Prevalence of FGM yrs 'Below 10 per cent ' per cent ' per cent 'More than 70 per cent Source: UNICEF- October global databases based on data from MICS, DHS and other national surveys,
How is FGM carried out? Generally carried out by an elder woman in the community, with non-medical training Non-sterile instruments without anaesthetic are used (razor blade, knife, sharp piece of glass, scissors) Iodine or Mixture of herbs often placed on the wound to stop the bleeding Increased use of health professionals to avoid the health complications
CULTURAL AND/OR TRADITION – RELIGION – VIEWED AS RELIGIOUS OBLIGATION SEXUALITY- ACCESS MARRIAGE- CONTROL OF SEXUALITY- ACCESS FAMILY HONOUR FAMILY HONOUR INITIATION INTO WOMANHOOD INITIATION INTO WOMANHOOD PURITY, CHASTITY, AESTHETICS AND HYGIENE – GENDER IDENTITY Socio-cultural context of FGM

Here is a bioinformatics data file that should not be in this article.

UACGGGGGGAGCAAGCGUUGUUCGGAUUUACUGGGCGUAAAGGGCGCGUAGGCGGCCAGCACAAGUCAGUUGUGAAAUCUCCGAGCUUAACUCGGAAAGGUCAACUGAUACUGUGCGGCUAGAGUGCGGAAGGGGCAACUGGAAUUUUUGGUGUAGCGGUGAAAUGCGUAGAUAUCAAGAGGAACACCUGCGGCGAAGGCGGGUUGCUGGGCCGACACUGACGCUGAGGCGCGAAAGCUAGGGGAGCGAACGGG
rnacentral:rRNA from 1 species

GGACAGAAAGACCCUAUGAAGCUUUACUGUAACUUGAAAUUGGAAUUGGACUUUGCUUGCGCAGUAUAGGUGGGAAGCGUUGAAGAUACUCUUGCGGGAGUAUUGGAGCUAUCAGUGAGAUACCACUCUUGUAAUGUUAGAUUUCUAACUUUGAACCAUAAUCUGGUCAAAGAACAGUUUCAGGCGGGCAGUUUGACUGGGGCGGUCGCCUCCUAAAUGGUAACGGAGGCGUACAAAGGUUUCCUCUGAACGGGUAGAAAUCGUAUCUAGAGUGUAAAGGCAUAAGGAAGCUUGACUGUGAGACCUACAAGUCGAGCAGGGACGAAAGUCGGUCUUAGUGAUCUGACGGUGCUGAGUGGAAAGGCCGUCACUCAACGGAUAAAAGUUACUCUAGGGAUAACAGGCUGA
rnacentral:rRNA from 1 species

FGM THRIVES ON SOCIAL APPROVAL AND CONFORMITY THROUGH STRONG SOCIAL PRESSURE FAILURE TO CONFORM OFTEN LEADS TO SOCIAL EXCLUSION, OSTRACISM, STIGMA ETC. FGM IS A RULE OF BEHAVIOUR ENFORCED THROUGH REWARDS, BENEFITS AND SOCIAL SANCTIONS FGM is a social convention Many women believe that FGM is necessary to ensure acceptance by their community; they are unaware that FGM is not practised in most of the world.
Health issues Short term effects: Severe pain and shock Infection Urine retention Injury to adjacent tissues Immediate fatal haemorrhaging Long term effects: Difficulty conceiving –Infertility Keloid formation and Chronic pain Painful cramps during menstruation Cysts and neuromas Difficulty passing urine, recurrent UTIs Psychological damage Increased risk of Vesico Vaginal FistulaVesico Vaginal Fistula Uterus, vaginal and chronic pelvic infections Complications in pregnancy and child birth Bleeding (due to repeated de-infibulations / infections) Sexual dysfunction / genital phobia/ painful sexual intercourse.